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Open Access Research

Modeling and measuring intracellular fluxes of secreted recombinant protein in Pichia pastoris with a novel 34S labeling procedure

Martin Pfeffer1, Michael Maurer12*, Gunda Köllensperger34, Stephan Hann34, Alexandra B Graf2 and Diethard Mattanovich14

Author Affiliations

1 University of Natural Resources and Life Sciences, Department of Biotechnology, Muthgasse 18, 1190 Vienna, Austria

2 University of Applied Sciences FH-Campus Vienna, School of Bioengineering, Muthgasse 18, 1190 Vienna, Austria

3 University of Natural Resources and Life Sciences, Department of Chemistry, Muthgasse 18, 1190 Vienna, Austria

4 Austrian Centre of Industrial Biotechnology (ACIB GmbH), Muthgasse 11, 1190 Vienna, Austria

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Microbial Cell Factories 2011, 10:47  doi:10.1186/1475-2859-10-47

Published: 26 June 2011

Abstract

Background

The budding yeast Pichia pastoris is widely used for protein production. To determine the best suitable strategy for strain improvement, especially for high secretion, quantitative data of intracellular fluxes of recombinant protein are very important. Especially the balance between intracellular protein formation, degradation and secretion defines the major bottleneck of the production system. Because these parameters are different for unlimited growth (shake flask) and carbon-limited growth (bioreactor) conditions, they should be determined under "production like" conditions. Thus labeling procedures must be compatible with minimal production media and the usage of bioreactors. The inorganic and non-radioactive 34S labeled sodium sulfate meets both demands.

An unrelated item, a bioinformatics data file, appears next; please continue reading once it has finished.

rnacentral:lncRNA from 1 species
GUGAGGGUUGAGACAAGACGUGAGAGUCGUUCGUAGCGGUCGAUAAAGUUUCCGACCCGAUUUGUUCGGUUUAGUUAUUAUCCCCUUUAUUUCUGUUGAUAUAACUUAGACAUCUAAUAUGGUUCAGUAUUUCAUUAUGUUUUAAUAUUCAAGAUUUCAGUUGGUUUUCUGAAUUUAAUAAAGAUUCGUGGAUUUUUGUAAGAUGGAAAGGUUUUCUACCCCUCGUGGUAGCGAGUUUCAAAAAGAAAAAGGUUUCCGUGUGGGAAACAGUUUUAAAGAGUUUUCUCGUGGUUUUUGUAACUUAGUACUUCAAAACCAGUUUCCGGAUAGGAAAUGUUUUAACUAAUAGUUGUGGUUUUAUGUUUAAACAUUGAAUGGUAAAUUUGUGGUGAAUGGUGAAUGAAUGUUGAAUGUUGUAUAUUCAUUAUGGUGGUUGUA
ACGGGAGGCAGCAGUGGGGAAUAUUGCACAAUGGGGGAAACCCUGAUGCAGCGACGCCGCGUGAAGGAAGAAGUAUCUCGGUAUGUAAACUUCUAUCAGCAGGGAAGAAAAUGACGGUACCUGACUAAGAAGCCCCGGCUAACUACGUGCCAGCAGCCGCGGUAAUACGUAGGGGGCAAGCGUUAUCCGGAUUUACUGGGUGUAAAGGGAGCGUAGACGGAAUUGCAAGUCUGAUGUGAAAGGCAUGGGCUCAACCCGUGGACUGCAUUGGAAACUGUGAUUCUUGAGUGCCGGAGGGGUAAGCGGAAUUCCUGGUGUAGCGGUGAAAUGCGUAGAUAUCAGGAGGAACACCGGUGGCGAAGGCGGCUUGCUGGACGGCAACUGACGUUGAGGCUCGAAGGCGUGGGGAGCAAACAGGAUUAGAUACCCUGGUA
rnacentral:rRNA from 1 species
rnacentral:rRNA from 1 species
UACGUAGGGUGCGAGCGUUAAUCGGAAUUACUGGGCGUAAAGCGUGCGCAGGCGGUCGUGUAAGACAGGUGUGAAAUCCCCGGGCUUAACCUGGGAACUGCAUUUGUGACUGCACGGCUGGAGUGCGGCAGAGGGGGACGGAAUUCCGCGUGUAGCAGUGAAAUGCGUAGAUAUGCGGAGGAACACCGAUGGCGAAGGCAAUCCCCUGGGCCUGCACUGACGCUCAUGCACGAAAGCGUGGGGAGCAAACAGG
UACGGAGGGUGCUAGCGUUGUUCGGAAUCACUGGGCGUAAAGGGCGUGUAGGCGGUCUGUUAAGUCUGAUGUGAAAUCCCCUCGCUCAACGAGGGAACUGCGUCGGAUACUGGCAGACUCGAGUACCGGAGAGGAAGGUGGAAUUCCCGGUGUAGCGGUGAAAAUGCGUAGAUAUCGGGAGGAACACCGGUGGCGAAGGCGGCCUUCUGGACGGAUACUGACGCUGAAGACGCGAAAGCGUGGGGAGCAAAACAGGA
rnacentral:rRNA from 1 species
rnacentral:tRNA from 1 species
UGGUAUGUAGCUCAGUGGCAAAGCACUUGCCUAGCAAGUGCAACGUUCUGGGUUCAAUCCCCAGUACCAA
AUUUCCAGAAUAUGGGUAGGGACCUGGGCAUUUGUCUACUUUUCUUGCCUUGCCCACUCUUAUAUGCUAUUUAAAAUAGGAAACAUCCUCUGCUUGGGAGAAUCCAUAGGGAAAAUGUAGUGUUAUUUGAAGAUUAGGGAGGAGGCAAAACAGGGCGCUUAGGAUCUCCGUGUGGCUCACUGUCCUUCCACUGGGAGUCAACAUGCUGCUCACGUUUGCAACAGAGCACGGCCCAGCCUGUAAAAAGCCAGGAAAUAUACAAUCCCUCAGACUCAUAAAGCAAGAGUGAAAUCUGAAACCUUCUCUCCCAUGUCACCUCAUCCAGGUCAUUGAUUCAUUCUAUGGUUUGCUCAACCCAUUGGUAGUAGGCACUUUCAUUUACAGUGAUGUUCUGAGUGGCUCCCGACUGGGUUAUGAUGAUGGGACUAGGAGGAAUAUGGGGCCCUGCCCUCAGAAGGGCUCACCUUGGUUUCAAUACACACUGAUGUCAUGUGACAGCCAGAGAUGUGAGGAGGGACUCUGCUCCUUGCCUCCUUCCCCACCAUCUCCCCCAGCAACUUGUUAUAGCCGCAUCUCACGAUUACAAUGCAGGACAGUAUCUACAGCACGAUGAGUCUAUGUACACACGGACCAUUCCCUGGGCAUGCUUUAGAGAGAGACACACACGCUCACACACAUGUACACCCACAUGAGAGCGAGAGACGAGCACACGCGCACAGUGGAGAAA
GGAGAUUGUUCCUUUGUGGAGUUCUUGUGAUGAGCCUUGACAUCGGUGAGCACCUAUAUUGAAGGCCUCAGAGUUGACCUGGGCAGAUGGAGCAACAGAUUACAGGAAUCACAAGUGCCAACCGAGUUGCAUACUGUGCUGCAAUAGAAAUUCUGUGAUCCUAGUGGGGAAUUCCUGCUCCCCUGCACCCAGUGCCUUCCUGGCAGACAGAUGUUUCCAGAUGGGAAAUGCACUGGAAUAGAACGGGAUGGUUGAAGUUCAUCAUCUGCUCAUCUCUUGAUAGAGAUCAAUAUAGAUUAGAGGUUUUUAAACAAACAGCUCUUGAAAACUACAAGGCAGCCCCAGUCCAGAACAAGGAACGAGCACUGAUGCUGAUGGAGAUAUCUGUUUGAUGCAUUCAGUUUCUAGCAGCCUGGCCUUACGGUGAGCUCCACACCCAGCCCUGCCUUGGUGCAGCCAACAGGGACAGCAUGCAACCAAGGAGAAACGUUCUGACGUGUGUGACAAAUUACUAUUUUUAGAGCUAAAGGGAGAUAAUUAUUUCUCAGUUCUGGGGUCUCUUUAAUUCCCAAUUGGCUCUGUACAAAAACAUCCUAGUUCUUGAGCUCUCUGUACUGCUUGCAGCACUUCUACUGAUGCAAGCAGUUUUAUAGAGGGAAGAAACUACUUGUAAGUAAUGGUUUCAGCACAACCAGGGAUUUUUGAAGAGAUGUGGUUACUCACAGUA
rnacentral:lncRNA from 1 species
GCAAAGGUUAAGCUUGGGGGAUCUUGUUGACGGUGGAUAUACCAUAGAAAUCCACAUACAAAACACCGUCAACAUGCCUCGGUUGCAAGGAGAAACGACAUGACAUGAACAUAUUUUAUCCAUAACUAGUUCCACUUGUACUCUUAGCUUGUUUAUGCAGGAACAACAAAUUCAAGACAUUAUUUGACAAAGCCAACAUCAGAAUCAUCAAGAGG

Results

We used a novel labeling method with the stable sulfur isotope 34S, administered as sodium sulfate, which is performed during chemostat culivations. The intra- and extracellular sulfur 32 to 34 ratios of purified recombinant protein, the antibody fragment Fab3H6, are measured by HPLC-ICP-MS. The kinetic model described here is necessary to calculate the kinetic parameters from sulfur ratios of consecutive samples as well as for sensitivity analysis. From the total amount of protein produced intracellularly (143.1 μg g-1 h-1 protein per yeast dry mass and time) about 58% are degraded within the cell, 35% are secreted to the exterior and 7% are inherited to the daughter cells.

Conclusions

A novel 34S labeling procedure that enables in vivo quantification of intracellular fluxes of recombinant protein under "production like" conditions is described. Subsequent sensitivity analysis of the fluxes by using MATLAB, indicate the most promising approaches for strain improvement towards increased secretion.